loyalty is sufficient evidence of client satisfaction and of positive impact, and that further measurement is unnecessary. This article argues against this: impact assessment is necessary not only to demonstrate
to donors that their interventions are having a positive impact, but also to provide information that allows MFIs to improve their services, and thus improve impact. The article describes the move away
from donor-led impact events, towards more practitioner-focused processes, and outlines the experience of individual organizations and international projects, most notably the AIMS project, in developing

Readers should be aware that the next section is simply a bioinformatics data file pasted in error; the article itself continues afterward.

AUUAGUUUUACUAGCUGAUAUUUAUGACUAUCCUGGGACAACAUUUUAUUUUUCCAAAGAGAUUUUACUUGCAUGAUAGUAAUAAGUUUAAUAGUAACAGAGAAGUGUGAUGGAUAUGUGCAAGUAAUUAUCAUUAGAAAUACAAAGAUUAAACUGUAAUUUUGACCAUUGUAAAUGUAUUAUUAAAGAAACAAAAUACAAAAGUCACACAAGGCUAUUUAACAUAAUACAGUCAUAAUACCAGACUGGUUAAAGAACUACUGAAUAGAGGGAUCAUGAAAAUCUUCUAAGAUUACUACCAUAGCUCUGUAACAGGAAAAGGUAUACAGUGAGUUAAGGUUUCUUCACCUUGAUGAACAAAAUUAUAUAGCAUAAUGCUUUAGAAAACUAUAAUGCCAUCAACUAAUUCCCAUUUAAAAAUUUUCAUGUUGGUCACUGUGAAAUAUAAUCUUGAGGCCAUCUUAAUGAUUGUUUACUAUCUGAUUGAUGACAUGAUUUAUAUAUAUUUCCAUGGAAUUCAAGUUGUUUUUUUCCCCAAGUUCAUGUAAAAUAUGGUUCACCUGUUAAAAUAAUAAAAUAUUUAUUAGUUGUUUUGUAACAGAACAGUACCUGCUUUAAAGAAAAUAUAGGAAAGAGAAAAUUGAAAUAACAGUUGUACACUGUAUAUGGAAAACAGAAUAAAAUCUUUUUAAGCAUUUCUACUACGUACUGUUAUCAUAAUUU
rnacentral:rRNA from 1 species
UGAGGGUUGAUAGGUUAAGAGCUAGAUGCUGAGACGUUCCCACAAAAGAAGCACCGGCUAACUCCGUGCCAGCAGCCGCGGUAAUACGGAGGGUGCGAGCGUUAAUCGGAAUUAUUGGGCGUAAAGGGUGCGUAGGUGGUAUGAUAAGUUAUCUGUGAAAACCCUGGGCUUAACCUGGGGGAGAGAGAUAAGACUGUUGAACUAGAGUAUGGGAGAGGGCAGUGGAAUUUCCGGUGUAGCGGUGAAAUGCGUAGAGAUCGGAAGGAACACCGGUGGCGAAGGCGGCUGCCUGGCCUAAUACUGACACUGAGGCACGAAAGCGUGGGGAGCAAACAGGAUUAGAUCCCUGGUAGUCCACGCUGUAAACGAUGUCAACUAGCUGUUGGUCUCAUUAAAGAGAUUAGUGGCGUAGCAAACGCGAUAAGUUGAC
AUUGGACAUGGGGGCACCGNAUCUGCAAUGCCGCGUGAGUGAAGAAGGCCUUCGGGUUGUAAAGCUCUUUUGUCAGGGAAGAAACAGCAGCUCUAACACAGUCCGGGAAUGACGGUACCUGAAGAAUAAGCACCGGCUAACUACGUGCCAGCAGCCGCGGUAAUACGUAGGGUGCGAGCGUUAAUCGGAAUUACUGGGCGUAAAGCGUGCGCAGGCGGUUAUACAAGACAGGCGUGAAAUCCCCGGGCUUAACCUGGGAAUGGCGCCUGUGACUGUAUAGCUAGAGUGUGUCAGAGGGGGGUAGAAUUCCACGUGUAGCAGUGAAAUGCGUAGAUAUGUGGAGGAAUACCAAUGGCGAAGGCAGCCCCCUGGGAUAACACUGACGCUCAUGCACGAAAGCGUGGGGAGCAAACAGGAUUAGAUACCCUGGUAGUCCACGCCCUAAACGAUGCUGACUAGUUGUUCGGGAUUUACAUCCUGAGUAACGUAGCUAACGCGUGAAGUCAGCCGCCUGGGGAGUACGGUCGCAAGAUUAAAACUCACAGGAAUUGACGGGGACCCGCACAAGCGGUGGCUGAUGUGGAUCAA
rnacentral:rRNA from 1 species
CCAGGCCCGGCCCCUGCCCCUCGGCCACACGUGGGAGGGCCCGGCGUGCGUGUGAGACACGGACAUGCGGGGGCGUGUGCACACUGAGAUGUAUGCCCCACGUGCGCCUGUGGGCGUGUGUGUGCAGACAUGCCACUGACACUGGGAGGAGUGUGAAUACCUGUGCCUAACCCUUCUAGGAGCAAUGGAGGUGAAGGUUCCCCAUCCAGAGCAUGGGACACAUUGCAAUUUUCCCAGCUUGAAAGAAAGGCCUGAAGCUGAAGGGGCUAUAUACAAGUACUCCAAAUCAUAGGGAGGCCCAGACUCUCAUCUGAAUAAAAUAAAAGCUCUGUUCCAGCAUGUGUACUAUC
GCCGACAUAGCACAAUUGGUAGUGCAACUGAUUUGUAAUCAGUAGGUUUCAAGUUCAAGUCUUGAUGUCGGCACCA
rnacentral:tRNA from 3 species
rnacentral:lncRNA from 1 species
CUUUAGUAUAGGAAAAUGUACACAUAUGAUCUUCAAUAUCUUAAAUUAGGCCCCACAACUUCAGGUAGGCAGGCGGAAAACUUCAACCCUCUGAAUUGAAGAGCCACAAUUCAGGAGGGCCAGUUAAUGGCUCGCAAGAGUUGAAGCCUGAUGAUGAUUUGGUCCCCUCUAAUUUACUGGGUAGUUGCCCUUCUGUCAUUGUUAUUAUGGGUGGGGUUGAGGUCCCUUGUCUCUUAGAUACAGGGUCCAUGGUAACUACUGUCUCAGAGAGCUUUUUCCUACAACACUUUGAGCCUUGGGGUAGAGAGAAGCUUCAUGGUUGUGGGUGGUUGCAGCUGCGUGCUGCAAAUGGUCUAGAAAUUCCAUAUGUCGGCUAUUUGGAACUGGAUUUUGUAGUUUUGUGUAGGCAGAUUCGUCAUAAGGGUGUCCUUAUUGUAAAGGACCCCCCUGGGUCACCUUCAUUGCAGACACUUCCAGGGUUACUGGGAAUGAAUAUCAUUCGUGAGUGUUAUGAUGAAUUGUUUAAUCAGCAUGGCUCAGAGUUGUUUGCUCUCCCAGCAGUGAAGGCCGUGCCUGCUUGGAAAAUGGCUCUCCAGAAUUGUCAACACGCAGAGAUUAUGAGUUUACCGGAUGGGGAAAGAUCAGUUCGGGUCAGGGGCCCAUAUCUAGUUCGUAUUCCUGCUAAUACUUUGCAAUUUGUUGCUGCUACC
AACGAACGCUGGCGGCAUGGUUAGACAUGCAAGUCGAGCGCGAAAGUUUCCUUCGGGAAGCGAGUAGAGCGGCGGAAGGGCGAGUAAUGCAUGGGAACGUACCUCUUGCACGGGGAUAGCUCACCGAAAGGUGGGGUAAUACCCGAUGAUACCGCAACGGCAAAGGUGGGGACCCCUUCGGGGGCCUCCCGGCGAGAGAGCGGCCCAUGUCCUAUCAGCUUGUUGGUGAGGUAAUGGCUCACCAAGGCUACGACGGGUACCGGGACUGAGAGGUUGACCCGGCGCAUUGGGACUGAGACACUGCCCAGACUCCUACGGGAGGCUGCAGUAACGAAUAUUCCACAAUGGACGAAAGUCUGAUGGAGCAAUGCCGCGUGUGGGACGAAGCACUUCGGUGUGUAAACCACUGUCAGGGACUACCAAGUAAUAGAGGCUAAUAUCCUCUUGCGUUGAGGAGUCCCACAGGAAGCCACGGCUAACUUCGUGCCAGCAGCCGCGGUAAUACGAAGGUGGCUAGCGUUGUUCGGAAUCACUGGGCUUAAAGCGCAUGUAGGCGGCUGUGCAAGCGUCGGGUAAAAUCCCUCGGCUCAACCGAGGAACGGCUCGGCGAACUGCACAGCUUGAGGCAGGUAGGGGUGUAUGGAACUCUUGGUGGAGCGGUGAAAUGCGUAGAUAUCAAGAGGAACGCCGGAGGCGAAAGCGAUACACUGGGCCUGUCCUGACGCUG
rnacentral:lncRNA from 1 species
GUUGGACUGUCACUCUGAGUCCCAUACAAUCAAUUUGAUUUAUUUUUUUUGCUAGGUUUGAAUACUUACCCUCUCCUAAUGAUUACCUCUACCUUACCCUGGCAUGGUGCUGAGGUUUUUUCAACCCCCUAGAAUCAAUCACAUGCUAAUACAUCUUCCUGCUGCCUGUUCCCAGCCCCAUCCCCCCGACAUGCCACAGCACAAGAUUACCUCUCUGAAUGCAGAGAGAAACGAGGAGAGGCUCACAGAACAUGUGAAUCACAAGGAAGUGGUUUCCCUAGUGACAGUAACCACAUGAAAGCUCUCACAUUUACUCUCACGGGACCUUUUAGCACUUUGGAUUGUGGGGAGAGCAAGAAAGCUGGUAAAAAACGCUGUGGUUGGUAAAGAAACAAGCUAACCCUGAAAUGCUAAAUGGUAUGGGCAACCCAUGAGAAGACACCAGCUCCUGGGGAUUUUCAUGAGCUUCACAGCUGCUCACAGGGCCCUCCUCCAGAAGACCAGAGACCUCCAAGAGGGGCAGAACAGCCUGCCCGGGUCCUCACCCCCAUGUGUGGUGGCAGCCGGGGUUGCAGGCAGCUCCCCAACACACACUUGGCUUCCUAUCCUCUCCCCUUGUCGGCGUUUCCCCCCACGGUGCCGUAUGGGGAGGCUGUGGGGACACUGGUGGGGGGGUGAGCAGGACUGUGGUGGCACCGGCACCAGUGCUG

impact assessment that is more responsive to practitioner needs. Practitioner-focused impact assessment looks at how impact information can feed into management and product design processes, and provide
frequent and timely information. Many challenges remain, particularly in terms of ensuring a diversity of approaches and applications for IA, and the inclusion of a range of stakeholders in defining what
should be included in the impact assessment process, and in the analysis and use of results. These challenges are the focus of a Ford Foundation sponsored action-research programme, Imp-Act.